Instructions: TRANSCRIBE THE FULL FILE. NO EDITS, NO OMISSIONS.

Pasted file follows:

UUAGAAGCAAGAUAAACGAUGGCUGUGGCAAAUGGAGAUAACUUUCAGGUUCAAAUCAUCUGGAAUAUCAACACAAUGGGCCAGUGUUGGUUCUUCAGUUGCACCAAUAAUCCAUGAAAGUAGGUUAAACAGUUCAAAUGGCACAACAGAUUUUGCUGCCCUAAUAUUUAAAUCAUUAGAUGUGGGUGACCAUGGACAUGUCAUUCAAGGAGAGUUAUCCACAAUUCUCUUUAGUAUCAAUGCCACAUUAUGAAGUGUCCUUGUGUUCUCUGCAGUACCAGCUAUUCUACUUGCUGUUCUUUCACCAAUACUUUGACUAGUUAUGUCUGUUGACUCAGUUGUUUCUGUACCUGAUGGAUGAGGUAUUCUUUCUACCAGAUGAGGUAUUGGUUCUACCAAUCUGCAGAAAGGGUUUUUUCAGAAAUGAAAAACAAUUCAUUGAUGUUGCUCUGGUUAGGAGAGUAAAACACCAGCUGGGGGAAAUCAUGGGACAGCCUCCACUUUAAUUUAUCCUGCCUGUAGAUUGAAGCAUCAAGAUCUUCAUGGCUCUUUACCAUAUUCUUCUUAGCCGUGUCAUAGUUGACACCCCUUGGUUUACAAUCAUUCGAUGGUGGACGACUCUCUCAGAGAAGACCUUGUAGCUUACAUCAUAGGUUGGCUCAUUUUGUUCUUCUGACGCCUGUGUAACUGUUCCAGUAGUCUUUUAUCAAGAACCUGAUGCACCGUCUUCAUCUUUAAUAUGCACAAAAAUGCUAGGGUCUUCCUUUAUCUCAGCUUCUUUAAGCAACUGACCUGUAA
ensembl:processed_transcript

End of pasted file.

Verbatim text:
UUAGAAGCAAGAUAAACGAUGGCUGUGGCAAAUGGAGAUAACUUUCAGGUUCAAAUCAUCUGGAAUAUCAACACAAUGGGCCAGUGUUGGUUCUUCAGUUGCACCAAUAAUCCAUGAAAGUAGGUUAAACAGUUCAAAUGGCACAACAGAUUUUGCUGCCCUAAUAUUUAAAUCAUUAGAUGUGGGUGACCAUGGACAUGUCAUUCAAGGAGAGUUAUCCACAAUUCUCUUUAGUAUCAAUGCCACAUUAUGAAGUGUCCUUGUGUUCUCUGCAGUACCAGCUAUUCUACUUGCUGUUCUUUCACCAAUACUUUGACUAGUUAUGUCUGUUGACUCAGUUGUUUCUGUACCUGAUGGAUGAGGUAUUCUUUCUACCAGAUGAGGUAUUGGUUCUACCAAUCUGCAGAAAGGGUUUUUUCAGAAAUGAAAAACAAUUCAUUGAUGUUGCUCUGGUUAGGAGAGUAAAACACCAGCUGGGGGAAAUCAUGGGACAGCCUCCACUUUAAUUUAUCCUGCCUGUAGAUUGAAGCAUCAAGAUCUUCAUGGCUCUUUACCAUAUUCUUCUUAGCCGUGUCAUAGUUGACACCCCUUGGUUUACAAUCAUUCGAUGGUGGACGACUCUCUCAGAGAAGACCUUGUAGCUUACAUCAUAGGUUGGCUCAUUUUGUUCUUCUGACGCCUGUGUAACUGUUCCAGUAGUCUUUUAUCAAGAACCUGAUGCACCGUCUUCAUCUUUAAUAUGCACAAAAAUGCUAGGGUCUUCCUUUAUCUCAGCUUCUUUAAGCAACUGACCUGUAA
ensembl:processed_transcript